Saline County Sheriff Rodney Wright made news at the first of this month when he effectively said that citizens openly carrying firearms in that county won’t be confronted by deputies unless there is reason to believe they are up to no good.
It is strange that Wright’s position should get so much coverage as he stated back in June that open carry is more or less OK in Saline County. It is odder still that we’re kind of left with the open carry issue to be determined on a county-by-county basis.
Still, open carry has become a hot topic and Wright based his department’s policy on an opinion that state Attorney General Leslie Rutledge at the end of August. In that opinion, she said that someone carrying a weapon openly does not necessarily violate Ark. Code Ann. §5-73-120(a).
That law, modified by Act 746 of 2013, states that a “person commits the offense of carrying a weapon if he or she possesses a handgun, knife, or club on or about his or her person, in a vehicle occupied by him or her, or otherwise readily available for use with a purpose to attempt to unlawfully employ the handgun, knife, or club as a weapon against a person.”
It appears, then, that Rutledge has interpreted that law to mean pretty much what it says on its face. Still, Rutledge points out that there are four things people who choose to carry weapons openly should keep in mind:
- Law officers may freely question people about their purposes in carrying weapons openly.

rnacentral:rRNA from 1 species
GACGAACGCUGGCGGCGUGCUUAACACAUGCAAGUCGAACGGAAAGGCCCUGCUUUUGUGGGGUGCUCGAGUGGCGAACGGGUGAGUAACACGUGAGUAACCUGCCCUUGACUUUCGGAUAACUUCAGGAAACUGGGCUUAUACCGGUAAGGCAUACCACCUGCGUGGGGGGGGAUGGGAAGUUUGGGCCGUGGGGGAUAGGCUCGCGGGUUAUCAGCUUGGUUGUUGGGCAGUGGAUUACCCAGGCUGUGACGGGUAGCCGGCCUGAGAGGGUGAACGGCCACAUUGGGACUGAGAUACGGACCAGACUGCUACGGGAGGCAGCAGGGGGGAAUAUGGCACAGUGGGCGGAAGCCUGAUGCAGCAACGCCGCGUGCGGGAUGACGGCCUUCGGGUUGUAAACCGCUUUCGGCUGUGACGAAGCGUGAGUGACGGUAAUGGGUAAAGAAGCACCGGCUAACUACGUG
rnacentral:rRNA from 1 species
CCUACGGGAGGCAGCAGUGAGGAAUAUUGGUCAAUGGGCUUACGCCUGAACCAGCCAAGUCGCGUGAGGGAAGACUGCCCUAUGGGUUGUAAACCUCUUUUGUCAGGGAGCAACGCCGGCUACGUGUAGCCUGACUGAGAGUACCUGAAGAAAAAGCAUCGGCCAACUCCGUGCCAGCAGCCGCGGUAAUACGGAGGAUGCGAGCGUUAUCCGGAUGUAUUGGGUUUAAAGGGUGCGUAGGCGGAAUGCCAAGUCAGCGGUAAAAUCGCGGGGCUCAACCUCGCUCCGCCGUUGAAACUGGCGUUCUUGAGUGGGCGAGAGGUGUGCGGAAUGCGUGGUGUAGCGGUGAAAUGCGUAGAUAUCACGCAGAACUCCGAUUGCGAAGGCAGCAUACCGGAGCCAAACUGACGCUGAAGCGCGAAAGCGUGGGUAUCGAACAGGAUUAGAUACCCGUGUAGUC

- There are statutes that prohibit where people can carry weapons. People can’t, for example, carry weapons in the Capitol building or surrounding grounds.
- Private property owners can exclude weapons from their property.
- The law has no impact on those holding concealed carry permits – there are still statutory provisions they must follow.
Still, it seems clear that choosing to allow open carry or not is up to local officials in a lot of cases. There is still some confusion over the law and policies regarding the controversial topic of open carry will be determined locally until either the Legislature or the Arkansas Supreme Court clarifies the issue once and for all.
At this point, the smart money might be on the state Supreme Court. After all, the Legislature passed Act 746 with the intention of clarifying the issue and managed to just make it muddier. The issue was confused further when former Arkansas Attorney General Dustin McDaniel issued an opinion stating Act 746 did not allow open carry and things got even less clear when Rutledge said the law does allow it.
One of the jobs of the state Supreme Court is to clarify laws. This is one of those cases where the court clearly needs to step in, make a decision on the open carry issue and determine whether that is allowed in Arkansas or not.
This column was authored by Ethan C. Nobles and originally appeared in the Sept. 15, 2015, edition of the Daily Record in Little Rock.
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